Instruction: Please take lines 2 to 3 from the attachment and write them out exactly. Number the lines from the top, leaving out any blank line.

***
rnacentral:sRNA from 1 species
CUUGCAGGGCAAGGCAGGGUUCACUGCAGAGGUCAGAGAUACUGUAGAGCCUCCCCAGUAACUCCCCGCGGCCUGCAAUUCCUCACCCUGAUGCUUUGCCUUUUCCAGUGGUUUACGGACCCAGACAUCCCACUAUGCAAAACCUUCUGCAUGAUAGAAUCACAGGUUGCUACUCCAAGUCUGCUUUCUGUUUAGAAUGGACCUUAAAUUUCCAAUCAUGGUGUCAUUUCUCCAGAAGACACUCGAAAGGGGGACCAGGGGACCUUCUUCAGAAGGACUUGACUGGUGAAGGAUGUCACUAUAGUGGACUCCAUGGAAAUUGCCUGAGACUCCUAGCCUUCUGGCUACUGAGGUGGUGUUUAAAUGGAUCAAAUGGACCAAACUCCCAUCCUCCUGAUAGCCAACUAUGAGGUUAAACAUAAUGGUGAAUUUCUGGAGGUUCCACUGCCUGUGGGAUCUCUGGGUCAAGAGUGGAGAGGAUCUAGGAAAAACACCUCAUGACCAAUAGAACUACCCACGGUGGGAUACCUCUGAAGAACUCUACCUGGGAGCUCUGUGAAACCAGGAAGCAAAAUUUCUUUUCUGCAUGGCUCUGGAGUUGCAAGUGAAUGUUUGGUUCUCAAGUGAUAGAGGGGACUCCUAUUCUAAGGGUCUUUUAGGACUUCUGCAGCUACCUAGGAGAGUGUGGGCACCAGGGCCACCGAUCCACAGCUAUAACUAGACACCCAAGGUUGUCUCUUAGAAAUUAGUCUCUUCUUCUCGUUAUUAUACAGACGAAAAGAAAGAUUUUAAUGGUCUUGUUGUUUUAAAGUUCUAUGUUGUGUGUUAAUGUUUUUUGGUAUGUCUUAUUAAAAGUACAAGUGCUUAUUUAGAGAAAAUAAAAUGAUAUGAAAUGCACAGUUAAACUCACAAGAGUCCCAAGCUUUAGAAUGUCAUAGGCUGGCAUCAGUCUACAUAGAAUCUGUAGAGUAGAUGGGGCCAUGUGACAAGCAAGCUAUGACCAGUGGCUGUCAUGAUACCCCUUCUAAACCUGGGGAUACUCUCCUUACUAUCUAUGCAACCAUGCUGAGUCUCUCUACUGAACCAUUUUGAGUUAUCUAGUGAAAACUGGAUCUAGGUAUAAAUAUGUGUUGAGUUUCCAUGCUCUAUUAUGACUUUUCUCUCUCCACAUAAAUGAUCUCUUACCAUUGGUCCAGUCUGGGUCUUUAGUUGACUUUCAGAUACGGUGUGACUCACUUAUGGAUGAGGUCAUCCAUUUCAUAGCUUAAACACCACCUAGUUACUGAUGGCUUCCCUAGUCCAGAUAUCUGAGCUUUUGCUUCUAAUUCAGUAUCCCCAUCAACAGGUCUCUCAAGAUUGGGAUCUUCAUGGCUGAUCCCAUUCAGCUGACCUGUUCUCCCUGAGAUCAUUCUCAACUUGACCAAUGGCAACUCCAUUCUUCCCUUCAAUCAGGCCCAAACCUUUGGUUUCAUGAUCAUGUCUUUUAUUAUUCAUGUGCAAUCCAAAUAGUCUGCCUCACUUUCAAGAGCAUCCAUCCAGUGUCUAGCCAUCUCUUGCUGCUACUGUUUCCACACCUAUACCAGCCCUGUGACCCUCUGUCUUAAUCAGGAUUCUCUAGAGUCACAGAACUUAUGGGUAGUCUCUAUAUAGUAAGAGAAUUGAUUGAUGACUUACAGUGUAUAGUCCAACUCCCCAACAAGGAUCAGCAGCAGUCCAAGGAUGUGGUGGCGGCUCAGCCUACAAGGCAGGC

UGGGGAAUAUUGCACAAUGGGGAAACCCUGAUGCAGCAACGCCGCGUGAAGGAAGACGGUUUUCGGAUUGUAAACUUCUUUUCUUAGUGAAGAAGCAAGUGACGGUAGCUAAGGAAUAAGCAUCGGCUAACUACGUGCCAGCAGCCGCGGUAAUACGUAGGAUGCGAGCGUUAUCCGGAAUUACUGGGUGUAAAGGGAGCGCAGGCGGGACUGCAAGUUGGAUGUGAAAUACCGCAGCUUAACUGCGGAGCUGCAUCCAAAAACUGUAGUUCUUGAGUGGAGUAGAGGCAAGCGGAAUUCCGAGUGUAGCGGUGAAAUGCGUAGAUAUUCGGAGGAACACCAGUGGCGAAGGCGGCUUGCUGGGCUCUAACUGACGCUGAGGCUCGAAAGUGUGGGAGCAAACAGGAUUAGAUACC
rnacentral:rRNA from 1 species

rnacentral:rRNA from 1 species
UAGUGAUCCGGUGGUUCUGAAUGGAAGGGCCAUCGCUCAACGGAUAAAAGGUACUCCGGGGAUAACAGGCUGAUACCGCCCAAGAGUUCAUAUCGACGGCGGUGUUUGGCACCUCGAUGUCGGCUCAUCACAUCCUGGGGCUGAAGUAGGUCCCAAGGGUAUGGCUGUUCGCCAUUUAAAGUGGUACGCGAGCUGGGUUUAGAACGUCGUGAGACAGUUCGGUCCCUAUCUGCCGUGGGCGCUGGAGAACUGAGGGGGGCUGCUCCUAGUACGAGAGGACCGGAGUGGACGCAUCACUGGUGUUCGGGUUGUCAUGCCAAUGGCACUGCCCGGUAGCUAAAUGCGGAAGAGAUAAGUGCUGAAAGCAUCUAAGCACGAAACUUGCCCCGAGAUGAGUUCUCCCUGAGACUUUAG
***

CUUGCAGGGCAAGGCAGGGUUCACUGCAGAGGUCAGAGAUACUGUAGAGCCUCCCCAGUAACUCCCCGCGGCCUGCAAUUCCUCACCCUGAUGCUUUGCCUUUUCCAGUGGUUUACGGACCCAGACAUCCCACUAUGCAAAACCUUCUGCAUGAUAGAAUCACAGGUUGCUACUCCAAGUCUGCUUUCUGUUUAGAAUGGACCUUAAAUUUCCAAUCAUGGUGUCAUUUCUCCAGAAGACACUCGAAAGGGGGACCAGGGGACCUUCUUCAGAAGGACUUGACUGGUGAAGGAUGUCACUAUAGUGGACUCCAUGGAAAUUGCCUGAGACUCCUAGCCUUCUGGCUACUGAGGUGGUGUUUAAAUGGAUCAAAUGGACCAAACUCCCAUCCUCCUGAUAGCCAACUAUGAGGUUAAACAUAAUGGUGAAUUUCUGGAGGUUCCACUGCCUGUGGGAUCUCUGGGUCAAGAGUGGAGAGGAUCUAGGAAAAACACCUCAUGACCAAUAGAACUACCCACGGUGGGAUACCUCUGAAGAACUCUACCUGGGAGCUCUGUGAAACCAGGAAGCAAAAUUUCUUUUCUGCAUGGCUCUGGAGUUGCAAGUGAAUGUUUGGUUCUCAAGUGAUAGAGGGGACUCCUAUUCUAAGGGUCUUUUAGGACUUCUGCAGCUACCUAGGAGAGUGUGGGCACCAGGGCCACCGAUCCACAGCUAUAACUAGACACCCAAGGUUGUCUCUUAGAAAUUAGUCUCUUCUUCUCGUUAUUAUACAGACGAAAAGAAAGAUUUUAAUGGUCUUGUUGUUUUAAAGUUCUAUGUUGUGUGUUAAUGUUUUUUGGUAUGUCUUAUUAAAAGUACAAGUGCUUAUUUAGAGAAAAUAAAAUGAUAUGAAAUGCACAGUUAAACUCACAAGAGUCCCAAGCUUUAGAAUGUCAUAGGCUGGCAUCAGUCUACAUAGAAUCUGUAGAGUAGAUGGGGCCAUGUGACAAGCAAGCUAUGACCAGUGGCUGUCAUGAUACCCCUUCUAAACCUGGGGAUACUCUCCUUACUAUCUAUGCAACCAUGCUGAGUCUCUCUACUGAACCAUUUUGAGUUAUCUAGUGAAAACUGGAUCUAGGUAUAAAUAUGUGUUGAGUUUCCAUGCUCUAUUAUGACUUUUCUCUCUCCACAUAAAUGAUCUCUUACCAUUGGUCCAGUCUGGGUCUUUAGUUGACUUUCAGAUACGGUGUGACUCACUUAUGGAUGAGGUCAUCCAUUUCAUAGCUUAAACACCACCUAGUUACUGAUGGCUUCCCUAGUCCAGAUAUCUGAGCUUUUGCUUCUAAUUCAGUAUCCCCAUCAACAGGUCUCUCAAGAUUGGGAUCUUCAUGGCUGAUCCCAUUCAGCUGACCUGUUCUCCCUGAGAUCAUUCUCAACUUGACCAAUGGCAACUCCAUUCUUCCCUUCAAUCAGGCCCAAACCUUUGGUUUCAUGAUCAUGUCUUUUAUUAUUCAUGUGCAAUCCAAAUAGUCUGCCUCACUUUCAAGAGCAUCCAUCCAGUGUCUAGCCAUCUCUUGCUGCUACUGUUUCCACACCUAUACCAGCCCUGUGACCCUCUGUCUUAAUCAGGAUUCUCUAGAGUCACAGAACUUAUGGGUAGUCUCUAUAUAGUAAGAGAAUUGAUUGAUGACUUACAGUGUAUAGUCCAACUCCCCAACAAGGAUCAGCAGCAGUCCAAGGAUGUGGUGGCGGCUCAGCCUACAAGGCAGGC

UGGGGAAUAUUGCACAAUGGGGAAACCCUGAUGCAGCAACGCCGCGUGAAGGAAGACGGUUUUCGGAUUGUAAACUUCUUUUCUUAGUGAAGAAGCAAGUGACGGUAGCUAAGGAAUAAGCAUCGGCUAACUACGUGCCAGCAGCCGCGGUAAUACGUAGGAUGCGAGCGUUAUCCGGAAUUACUGGGUGUAAAGGGAGCGCAGGCGGGACUGCAAGUUGGAUGUGAAAUACCGCAGCUUAACUGCGGAGCUGCAUCCAAAAACUGUAGUUCUUGAGUGGAGUAGAGGCAAGCGGAAUUCCGAGUGUAGCGGUGAAAUGCGUAGAUAUUCGGAGGAACACCAGUGGCGAAGGCGGCUUGCUGGGCUCUAACUGACGCUGAGGCUCGAAAGUGUGGGAGCAAACAGGAUUAGAUACC